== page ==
Leanda: Yes. Well, she was completely devastated by her husband's execution, and she really wanted, I think, to retreat, to retire to a convent. But she remembered that she had promised her husband that she would support their children their eldest son, who was now Charles II in exile. And she wanted to help him be restored to the throne. It seemed very unlikely that she was going to succeed because Oliver Cromwell was, by this stage, the head of the sort of English republic and seemed very powerful in England. But she did support him as best as could during the next ten years. There was a sort of infamous incident because Henrietta Maria has been blamed for many things. It’s said that she sort of turned Charles Catholic and caused a civil war, which, as I said, is completely untrue. Another of the things which is said is that she was a sort of cruel mother. And an example of this that's given actually all her children are devoted to her. But anyway, they quarreled, but they were devoted to her. But the example of this that is given is her youngest child, Harry, who arrives in France, aged about 14, because he's been basically a prisoner of parliament throughout the Civil War, and she tries to convert him to Catholicism. And this is described traditionally as a sort of act of terrible bigotry. And then when she doesn't succeed, she throws him out of the house, which is seen as a sort of act of cruelty and stupidity. But, you know, life was complicated if you were a queen. And as she told her son Charles II the reason she did it was that, frankly, the Stuart cause looked pretty helpless, hopeless. And she didn't want Harry to suffer the sort of penury and powerlessness that seemed to be Charles II’s lot. And so she said to Charles, if he becomes a Catholic, then he could marry a rich Catholic princess. Or, you know, I could ask the pope to make him a cardinal. He'd be a prince of the church. Anyway, Harry has no intention of converting. His last memory of his father is sitting as a little boy when he's about five, sitting on his father's lap. Maybe he's a little boy sitting on his father's lap. Just before his father is is going to be taken off to be executed. And his father is looking at him in the face and saying, you know, they are going to cut off your father's head. And saying to him that he wants him to obey his mother in all things except religion. And he also told Harry that he was dying for the Protestant Church of England. So Harry was not likely to sort of suddenly turn round to become a Catholic. But anyway. So whatever Henrietta Maria wanted, that wasn't going to happen. She expressed her anger at this indeed by throwing him out of the house. But this wasn't just sort of an act of kind of spite. It was the act of a woman who was Charles II's principal support in Europe, and she could not afford to be seen as weak and being disobeyed by one of your children, particularly a child in his early teens would have made her look weak. And what it often isn't pointed out is that her sister in law, the Winter Queen did exactly the same thing with two of her children, who was also an exiled queen and was also a support for her son. Did exactly the same thing with two of her children, where they conversely converted from Protestantism to Catholicism, which she didn't like. She cut off relations with them. This was a political act, not an act of just sort of spite. And what was very tragic was that at the time of the restoration, when after Cromwell died and the English decided they couldn't stand the republic and they couldn't bear living under Puritan rule, and they invited Charles II back. She wrote a letter saying, Oh, hooray. You know, the whole family are going to be reunited and was obviously looking forward to being reunited with Harry as well as her other children. And very tragically, he died shortly before this could happen. And she's described just after a couple of days after she arrives in England in November 1660. She's described by a famous diarist, Samuel Pepys, as dressed in black and looking very ordinary. And this description is always trotted out of her. We're left thinking that she she's now just a sort of miserable old crone, really. She's a miserable old crone. She failed to sort of turn England into a kind of Catholic autocracy or whatever people like to believe she wanted to do. And she's now all miserable. She can't rejoice, even in the success of her son, Charles II. When, of course, the fact is that she's grieving her son, her youngest son, who's just died. And what they don't do because these things are so often examples of selective quotation, what these historians don't do is then mention the same diarist, Samuel Pepys, a couple of years later in 1662, when Henrietta Maria is again is being described as the Phoenix Queen and is again a very powerful and influential figure in England. And he goes to the court and he describes it as (29:45 please listen-Maria than that of the Maria Monarch, Charles II) it's the gayest, it's the most glittering, it's the most glamorous court. It's her court, which she is at the center.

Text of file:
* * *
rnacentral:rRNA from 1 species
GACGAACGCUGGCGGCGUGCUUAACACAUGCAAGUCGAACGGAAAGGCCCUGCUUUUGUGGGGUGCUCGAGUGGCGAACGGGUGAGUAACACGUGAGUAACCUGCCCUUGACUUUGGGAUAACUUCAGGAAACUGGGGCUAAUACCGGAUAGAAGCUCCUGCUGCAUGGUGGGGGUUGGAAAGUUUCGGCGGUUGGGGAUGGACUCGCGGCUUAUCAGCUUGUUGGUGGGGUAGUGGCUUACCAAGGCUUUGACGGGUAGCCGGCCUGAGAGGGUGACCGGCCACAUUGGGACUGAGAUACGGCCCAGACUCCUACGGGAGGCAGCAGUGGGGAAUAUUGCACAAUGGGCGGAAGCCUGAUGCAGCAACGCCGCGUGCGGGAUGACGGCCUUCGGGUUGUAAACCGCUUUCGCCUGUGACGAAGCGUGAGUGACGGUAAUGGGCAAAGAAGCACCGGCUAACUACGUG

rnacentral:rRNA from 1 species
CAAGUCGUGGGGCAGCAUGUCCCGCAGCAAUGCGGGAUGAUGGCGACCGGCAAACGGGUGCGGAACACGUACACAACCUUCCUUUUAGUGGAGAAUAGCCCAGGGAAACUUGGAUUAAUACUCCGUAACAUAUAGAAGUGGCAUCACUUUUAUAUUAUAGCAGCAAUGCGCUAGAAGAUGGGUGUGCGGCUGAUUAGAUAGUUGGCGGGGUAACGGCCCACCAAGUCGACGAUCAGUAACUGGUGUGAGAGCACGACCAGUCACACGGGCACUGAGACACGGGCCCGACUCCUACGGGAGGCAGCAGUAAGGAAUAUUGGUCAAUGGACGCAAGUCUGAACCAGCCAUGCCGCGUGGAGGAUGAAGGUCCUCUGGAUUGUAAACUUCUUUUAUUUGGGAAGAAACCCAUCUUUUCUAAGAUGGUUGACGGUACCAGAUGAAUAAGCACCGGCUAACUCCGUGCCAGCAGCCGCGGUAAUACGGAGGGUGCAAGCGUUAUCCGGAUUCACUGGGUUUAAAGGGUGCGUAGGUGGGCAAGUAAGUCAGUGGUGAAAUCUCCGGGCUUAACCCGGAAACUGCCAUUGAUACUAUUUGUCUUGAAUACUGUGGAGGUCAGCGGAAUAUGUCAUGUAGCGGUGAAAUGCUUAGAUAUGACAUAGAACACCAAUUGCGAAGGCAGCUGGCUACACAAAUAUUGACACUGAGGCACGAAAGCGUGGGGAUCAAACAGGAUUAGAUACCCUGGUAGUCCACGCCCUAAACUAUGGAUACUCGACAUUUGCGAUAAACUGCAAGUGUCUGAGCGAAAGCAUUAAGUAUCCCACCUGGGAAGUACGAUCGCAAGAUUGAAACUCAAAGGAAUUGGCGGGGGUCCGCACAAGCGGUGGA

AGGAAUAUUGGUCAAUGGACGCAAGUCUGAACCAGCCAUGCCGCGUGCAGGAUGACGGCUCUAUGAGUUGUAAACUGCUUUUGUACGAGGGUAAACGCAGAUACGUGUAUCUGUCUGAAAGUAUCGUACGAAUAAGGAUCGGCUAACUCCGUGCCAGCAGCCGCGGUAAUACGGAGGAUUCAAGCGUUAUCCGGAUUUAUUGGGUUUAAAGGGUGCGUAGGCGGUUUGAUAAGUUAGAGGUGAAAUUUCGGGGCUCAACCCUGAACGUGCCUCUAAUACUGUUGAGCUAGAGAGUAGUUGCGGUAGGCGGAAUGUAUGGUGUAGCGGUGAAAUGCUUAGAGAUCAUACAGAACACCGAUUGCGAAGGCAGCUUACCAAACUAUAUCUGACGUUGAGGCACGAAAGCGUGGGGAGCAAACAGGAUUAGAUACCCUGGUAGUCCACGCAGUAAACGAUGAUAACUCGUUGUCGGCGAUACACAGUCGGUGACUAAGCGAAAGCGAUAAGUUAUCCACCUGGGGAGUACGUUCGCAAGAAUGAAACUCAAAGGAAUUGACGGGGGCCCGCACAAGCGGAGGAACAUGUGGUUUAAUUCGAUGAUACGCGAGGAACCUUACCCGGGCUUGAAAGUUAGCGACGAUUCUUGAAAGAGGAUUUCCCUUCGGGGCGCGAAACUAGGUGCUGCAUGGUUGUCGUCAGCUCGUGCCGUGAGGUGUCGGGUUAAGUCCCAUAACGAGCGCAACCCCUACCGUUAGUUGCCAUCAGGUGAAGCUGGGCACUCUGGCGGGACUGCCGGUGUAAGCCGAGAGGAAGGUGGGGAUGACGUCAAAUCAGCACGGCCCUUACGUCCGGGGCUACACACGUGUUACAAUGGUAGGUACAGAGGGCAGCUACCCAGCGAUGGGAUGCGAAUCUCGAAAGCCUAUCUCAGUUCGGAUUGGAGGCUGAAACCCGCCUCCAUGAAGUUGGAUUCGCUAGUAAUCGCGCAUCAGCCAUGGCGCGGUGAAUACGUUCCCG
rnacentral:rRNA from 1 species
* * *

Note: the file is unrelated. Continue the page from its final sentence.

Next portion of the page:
Gary: A major theme in your book is about Henrietta Maria's youth. She was the youngest of Marie de Medici's children. She was eight and a half years younger than her husband and became queen at 16. How did her age affect her outlook and abilities?